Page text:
Brag Book


CGF II, Certified Grumble Framer Level 2
Founding Member
Nov 29, 1999
Does anyone have a regular setup to take photos of your work without the photographer and camera showing up promanently in the reflection on the glass?
When we take a picture of a piece that we want in our brag book, it's assembled without the glass and photographed. then it's assembled for real.
In the office in my old shop, I had copy lights mounted to the ceiling with polarizing screens and a 35mm camera on a tripod with transparency film and a polarizing filter. I had the Walker system on the wall to make it easy to adjust the height and position of the art to be photographed.

From some reason, I abandoned that system when I moved, possibly because I don't have an office and I have very little wall space.

(Besides, it's probably a copyright violation.)

If I were doing it now, I think I'd use my digital camera and run a continuous slide show on an extra computer or TV.
I too take the picture without the glass. For the best picture in my environment I lock my all glass back door, put down a piece of foamcore and take the picture there with all the natural light. Or I even take the picture outside. And then usually I forget to unlock my back door. :)
Like the others we try to shoot the photo without glazing. We also shoot it with a digital camera to make sure we've got a good shot.

You can also try top cancel out reflections by putting a piece of black foam (or fabric) behind you.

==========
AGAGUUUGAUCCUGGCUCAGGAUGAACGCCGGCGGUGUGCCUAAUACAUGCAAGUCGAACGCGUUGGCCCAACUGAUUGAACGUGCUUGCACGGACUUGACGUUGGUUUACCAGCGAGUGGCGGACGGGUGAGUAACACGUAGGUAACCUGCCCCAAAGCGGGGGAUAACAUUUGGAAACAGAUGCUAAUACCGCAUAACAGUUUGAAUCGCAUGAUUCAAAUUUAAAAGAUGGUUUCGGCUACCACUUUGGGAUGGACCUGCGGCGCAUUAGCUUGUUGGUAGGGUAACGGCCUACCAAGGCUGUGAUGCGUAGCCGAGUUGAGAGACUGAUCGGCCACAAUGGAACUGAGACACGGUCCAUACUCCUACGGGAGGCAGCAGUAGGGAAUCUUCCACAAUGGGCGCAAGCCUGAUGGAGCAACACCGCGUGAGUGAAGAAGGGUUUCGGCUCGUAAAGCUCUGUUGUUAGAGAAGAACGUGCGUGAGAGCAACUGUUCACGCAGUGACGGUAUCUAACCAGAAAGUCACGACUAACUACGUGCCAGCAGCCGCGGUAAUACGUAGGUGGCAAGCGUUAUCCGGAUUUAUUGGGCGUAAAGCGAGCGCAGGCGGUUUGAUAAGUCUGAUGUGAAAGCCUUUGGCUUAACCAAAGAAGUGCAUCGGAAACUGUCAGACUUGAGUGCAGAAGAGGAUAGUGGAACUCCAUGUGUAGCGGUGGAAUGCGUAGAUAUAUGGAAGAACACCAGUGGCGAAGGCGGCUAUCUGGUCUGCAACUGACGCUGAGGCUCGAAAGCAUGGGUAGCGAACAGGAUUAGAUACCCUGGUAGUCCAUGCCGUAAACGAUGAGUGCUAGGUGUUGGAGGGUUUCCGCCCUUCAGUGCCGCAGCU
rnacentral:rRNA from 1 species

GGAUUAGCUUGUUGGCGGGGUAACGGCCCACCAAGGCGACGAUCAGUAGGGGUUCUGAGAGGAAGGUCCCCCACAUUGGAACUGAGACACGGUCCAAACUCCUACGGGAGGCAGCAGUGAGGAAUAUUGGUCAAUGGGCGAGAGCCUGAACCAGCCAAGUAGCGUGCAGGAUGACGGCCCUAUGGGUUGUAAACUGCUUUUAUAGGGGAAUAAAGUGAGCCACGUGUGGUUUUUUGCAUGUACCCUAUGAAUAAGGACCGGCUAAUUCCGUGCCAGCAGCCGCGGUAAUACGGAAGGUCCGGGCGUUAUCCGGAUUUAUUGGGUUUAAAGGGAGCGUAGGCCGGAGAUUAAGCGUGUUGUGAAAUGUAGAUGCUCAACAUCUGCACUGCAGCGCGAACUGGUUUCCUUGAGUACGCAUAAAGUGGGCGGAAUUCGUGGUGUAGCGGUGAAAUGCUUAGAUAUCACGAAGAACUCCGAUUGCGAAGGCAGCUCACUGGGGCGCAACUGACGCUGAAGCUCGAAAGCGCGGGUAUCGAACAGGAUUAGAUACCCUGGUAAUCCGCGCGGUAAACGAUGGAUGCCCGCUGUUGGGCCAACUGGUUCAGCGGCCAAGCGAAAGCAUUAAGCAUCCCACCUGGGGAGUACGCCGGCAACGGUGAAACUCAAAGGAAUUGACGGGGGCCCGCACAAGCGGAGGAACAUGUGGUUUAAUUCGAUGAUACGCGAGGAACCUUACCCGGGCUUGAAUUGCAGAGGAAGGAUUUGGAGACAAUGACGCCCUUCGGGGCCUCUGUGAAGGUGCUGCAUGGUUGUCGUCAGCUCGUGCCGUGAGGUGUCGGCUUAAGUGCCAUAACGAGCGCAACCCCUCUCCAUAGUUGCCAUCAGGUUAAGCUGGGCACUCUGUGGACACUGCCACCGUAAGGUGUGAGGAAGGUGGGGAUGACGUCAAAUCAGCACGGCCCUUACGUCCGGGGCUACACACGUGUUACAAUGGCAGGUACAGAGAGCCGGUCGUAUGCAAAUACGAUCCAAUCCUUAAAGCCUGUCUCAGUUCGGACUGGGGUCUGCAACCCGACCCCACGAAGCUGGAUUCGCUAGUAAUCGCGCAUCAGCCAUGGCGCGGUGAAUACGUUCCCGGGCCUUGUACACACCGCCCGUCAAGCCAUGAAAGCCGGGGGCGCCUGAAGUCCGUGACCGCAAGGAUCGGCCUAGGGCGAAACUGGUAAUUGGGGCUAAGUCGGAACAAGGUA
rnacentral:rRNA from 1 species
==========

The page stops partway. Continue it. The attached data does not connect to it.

Even without glass sometimes the reflections are still there. I sit on a chair, hold a large black foam in front of me and shoot with the digital or place the work on the floor and hang from the ceiling.
I just usually stand off to the side a little. It's not quite as good as a dead-on front view. But it's just off a smidgen, and a whole lot quicker than fitting twice. (Plus the fact that I often forget to take a picture until I finish fitting....)

When you take a photo of something that has glas or other reflective "stuff in it (a mirror or glass in the background). You need to turn so the flash is not pointing directly in to the reflective surface. In short the phyical law says: the angle of incidence equals the angle of reflection. If you ar photographing a person holding their finished work, than have them hold the frame with a slight up turn. Place your light source at an angle of to one side or to both sides. I have lights set in my studio for this and the things are bolted to the wall so I don't have to think twice about this just go shoot the work. If your interested in finding out more email me and I will send you a diagram.
Sorta like what us old-timers used to call 'bracketing shots'??

The way I see it, and the way I did it, after writing for a paper weekly for 4 years, is copy all my columns you want. I could care less.

I realize this is bleeding into another tired thread, but, Good Lord! People have been framing, or copying stuff outta papers for a hundred years or more. Do we really need to get the US Supreme Court involved to frame a Mom's kids soccer article...Geez, Louise!